The Religion and Public Life Program (RPLP) at Rice University, directed by Prof. Elaine Howard Ecklund, has launched a new podcast! RELIGION UNMUTED is the podcast that brings women’s voices to the table. We explore how religion impacts public discourse around important social issues, like racism, politics, immigration, health, and the body. Join us for research-driven dialogue that amplifies women’s voices in conversation about religion and public life. Subscribe on Apple podcasts, Spotify, or wherever you listen; all episodes are available here: https://religionunmuted.libsyn.com/ .
Panel discussion with Professor Trevor Cooling (Canterbury Christ Church University and Religious Education Council of England and Wales), Dr Ruth Wareham (Humanists UK) and Dr Lois Lee (University of Kent); chaired by Dr Chris Deacy (University of Kent)
1pm Wednesday 2 December 2020 (Zoom joining information below)
Across the United Kingdom, Religious Education is subject to its most thorough-going review in a generation, with proposed reforms described as a paradigm change for the sector (Cooling et al 2020). Amongst other issues, proposals offered by the Commission on Religious Education in England and Wales and by the Welsh Government respond explicitly to the growing number of people who identify as nonreligious: What could this new approach to Religious Education mean for them? Their recommendations take better account of nonreligious perspectives than ever before. But is it right to assume that these proposed changes to RE are a straightforward “victory” for those that have called for better representation of nonreligion in the RE classroom? Does implementation of these proposals – already underway in some schools – mean that religious and nonreligious worldviews exist on a level playing field?
Join us for a panel discussion focusing attention on what a worldview approach to RE means in relation to the nonreligious.
Full details and the link to register can be found at: https://www.kent.ac.uk/events/event/46876/the-new-worldview-paradigm-in-re-implications-for-the-nonreligious
Le Centre de recherche Société, Droit et Religions de l’Université de Sherbrooke (SoDRUS) vous invite à une conférence publique qui aura lieu le mercredi 2 décembre 2020.
Les changements constitutionnels de la Loi sur la laïcité du Québec
Date : 2 décembre 2020
Heure : 11h55
Lieu : Événement tenu en ligne, sur TEAMS.
Inscription obligatoire à l’adresse suivante : email@example.com
Cette conférence sera donnée par Bertrand Lavoie, chercheur partenaire au SoDRUS.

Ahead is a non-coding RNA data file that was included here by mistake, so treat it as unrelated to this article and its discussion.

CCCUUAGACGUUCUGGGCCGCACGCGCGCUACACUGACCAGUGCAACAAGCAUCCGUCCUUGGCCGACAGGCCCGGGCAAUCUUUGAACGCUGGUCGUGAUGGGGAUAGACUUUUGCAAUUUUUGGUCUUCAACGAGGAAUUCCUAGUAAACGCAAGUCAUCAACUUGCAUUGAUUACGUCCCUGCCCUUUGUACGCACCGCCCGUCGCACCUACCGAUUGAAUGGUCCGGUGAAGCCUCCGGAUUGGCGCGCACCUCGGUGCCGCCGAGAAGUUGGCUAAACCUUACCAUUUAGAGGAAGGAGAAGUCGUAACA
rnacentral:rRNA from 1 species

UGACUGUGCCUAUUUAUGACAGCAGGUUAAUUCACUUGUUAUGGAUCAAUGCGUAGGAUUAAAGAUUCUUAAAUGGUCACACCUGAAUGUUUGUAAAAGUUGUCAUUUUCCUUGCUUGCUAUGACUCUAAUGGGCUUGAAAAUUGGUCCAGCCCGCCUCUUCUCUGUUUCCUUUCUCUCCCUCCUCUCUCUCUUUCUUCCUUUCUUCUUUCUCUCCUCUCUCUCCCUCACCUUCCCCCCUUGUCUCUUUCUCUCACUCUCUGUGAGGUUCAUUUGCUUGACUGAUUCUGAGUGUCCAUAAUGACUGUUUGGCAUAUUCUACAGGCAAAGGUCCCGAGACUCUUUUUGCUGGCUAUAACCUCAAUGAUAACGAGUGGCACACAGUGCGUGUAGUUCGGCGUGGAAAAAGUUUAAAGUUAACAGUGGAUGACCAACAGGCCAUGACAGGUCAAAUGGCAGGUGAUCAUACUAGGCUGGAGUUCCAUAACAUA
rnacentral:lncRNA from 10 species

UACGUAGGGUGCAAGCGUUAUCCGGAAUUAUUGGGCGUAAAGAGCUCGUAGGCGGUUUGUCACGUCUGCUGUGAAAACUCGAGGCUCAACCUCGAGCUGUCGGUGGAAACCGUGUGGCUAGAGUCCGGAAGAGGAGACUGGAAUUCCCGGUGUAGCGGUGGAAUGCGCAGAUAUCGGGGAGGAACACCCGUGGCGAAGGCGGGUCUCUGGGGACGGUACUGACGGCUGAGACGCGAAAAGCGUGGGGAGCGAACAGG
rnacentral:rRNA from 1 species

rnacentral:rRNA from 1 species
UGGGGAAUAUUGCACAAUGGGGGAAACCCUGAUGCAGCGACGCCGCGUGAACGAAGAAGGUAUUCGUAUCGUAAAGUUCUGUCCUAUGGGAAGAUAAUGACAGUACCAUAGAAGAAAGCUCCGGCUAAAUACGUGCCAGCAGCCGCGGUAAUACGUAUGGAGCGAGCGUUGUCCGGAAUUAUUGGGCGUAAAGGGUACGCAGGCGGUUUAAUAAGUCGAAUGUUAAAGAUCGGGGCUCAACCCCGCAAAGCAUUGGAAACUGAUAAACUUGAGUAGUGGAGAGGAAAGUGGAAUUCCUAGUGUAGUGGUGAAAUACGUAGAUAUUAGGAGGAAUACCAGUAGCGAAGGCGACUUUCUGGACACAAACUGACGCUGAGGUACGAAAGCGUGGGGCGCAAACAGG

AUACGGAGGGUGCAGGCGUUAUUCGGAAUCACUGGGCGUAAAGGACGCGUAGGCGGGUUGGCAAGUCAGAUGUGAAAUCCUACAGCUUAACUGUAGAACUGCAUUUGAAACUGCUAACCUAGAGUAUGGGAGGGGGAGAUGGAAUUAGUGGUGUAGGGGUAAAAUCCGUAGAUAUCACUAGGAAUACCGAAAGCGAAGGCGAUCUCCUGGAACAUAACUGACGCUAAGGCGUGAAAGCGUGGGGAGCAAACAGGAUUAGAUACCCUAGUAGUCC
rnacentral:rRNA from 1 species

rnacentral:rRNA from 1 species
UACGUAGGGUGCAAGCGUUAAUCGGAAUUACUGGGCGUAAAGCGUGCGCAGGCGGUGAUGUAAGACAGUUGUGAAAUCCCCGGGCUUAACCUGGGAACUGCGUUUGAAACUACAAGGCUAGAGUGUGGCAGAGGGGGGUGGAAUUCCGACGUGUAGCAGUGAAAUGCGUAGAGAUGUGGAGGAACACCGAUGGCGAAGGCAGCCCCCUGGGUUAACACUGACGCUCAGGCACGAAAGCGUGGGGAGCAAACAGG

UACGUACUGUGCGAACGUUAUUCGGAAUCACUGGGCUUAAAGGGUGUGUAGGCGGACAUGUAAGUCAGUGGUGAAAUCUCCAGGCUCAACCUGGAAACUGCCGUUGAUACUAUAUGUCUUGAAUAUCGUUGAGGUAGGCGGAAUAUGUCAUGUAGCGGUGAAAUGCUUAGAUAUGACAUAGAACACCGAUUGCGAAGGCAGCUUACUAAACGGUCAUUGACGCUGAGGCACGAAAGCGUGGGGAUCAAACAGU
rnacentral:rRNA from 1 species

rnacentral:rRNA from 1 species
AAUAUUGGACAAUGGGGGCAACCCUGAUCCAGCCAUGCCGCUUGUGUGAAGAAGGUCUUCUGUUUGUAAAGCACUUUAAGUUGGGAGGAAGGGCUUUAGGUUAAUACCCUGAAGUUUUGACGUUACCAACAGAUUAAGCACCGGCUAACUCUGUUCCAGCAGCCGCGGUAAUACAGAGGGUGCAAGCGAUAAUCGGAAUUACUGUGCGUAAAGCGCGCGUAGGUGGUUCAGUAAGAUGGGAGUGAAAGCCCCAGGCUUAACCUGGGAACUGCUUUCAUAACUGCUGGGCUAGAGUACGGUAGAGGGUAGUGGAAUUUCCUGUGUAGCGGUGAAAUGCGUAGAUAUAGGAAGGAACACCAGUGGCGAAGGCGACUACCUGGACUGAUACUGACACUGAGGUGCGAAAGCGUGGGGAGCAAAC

Merci de diffuser l’information dans vos réseaux.
Au plaisir de vous accueillir,
Raphaël Mathieu Legault-Laberge, Ph.D.
Coordonnateur et chercheur partenaire au SoDRUS
Due to COVID-19, the 2021 ASA Annual Meeting in Chicago has been cancelled. ASA leadership believes it is now clear that the global health crisis will not be resolved by August, and a large gathering of people from around the world presents an untenable health risk. ASA will offer a virtual 2021 ASA Annual Meeting instead of the in-person event. Further information about the virtual meeting will be provided in the coming months.
The ASA online portal is currently open for submissions for the 2021 Annual Meeting. ASA will continue with the submission process uninterrupted. The deadline is February 3. Our Religion Section Program Committee also will continue to plan for our sessions, and we strongly encourage you, your colleagues, and your students to submit in anticipation of a virtual meeting.
Tuesday 8th December 2020, 1pm to 5pm
An MBRN online symposium via Zoom
Register here: https://www.eventbrite.co.uk/e/british-muslims-and-covid-19-impacts-experiences-and-responses-tickets-129223730657
Full Programme available at: http://www.mbrn.org.uk/registration-open-british-muslims-and-covid-19/
Research on Covid-19 has highlighted its disproportionate impact on Black and Asian Minority Ethnic groups (BAME) communities (Public Health England, 2020). However, these studies only offer a limited understanding of the particularity of experiences within the umbrella category BAME. For instance, there is only limited discussion around faith in relation to Covid-19, its impacts and the socio-economic fall-outs of lockdown. This MBRN symposium will redress this gap by taking an intersectional perspective in mapping and analysing the impact of Covid-19 on British Muslim communities. By bringing together practitioners and academics, we will examine how diverse British Muslim communities have experienced the pandemic, how their lives have been impacted during and after lockdown and how they responded.
By focusing on the experiences of British Muslims, this online symposium will enable us to examine the interplay of ethnicity, religion and deprivation, in negotiating the particular challenges of living through Covid-19. It will explore the diversity of ways in which British Muslims have experienced and responded to Covid-19, and seek to understand its ongoing impacts. Our aim is to suggest answers for the question, “How are diverse British Muslims living through, and responding to the challenges of, Covid-19?”.
The symposium includes presentations from academics and practitioners from a range of epistemological positions and disciplinary standpoints to explore dimensions of Muslim identity / lived experiences in relation to the pandemic, lockdown and subsequent socio-economic implications of Covid-19 in Britain.
Eventbrite registration essential, please select your preference for the parallel session during registration so you can be pre-assigned to a breakout room.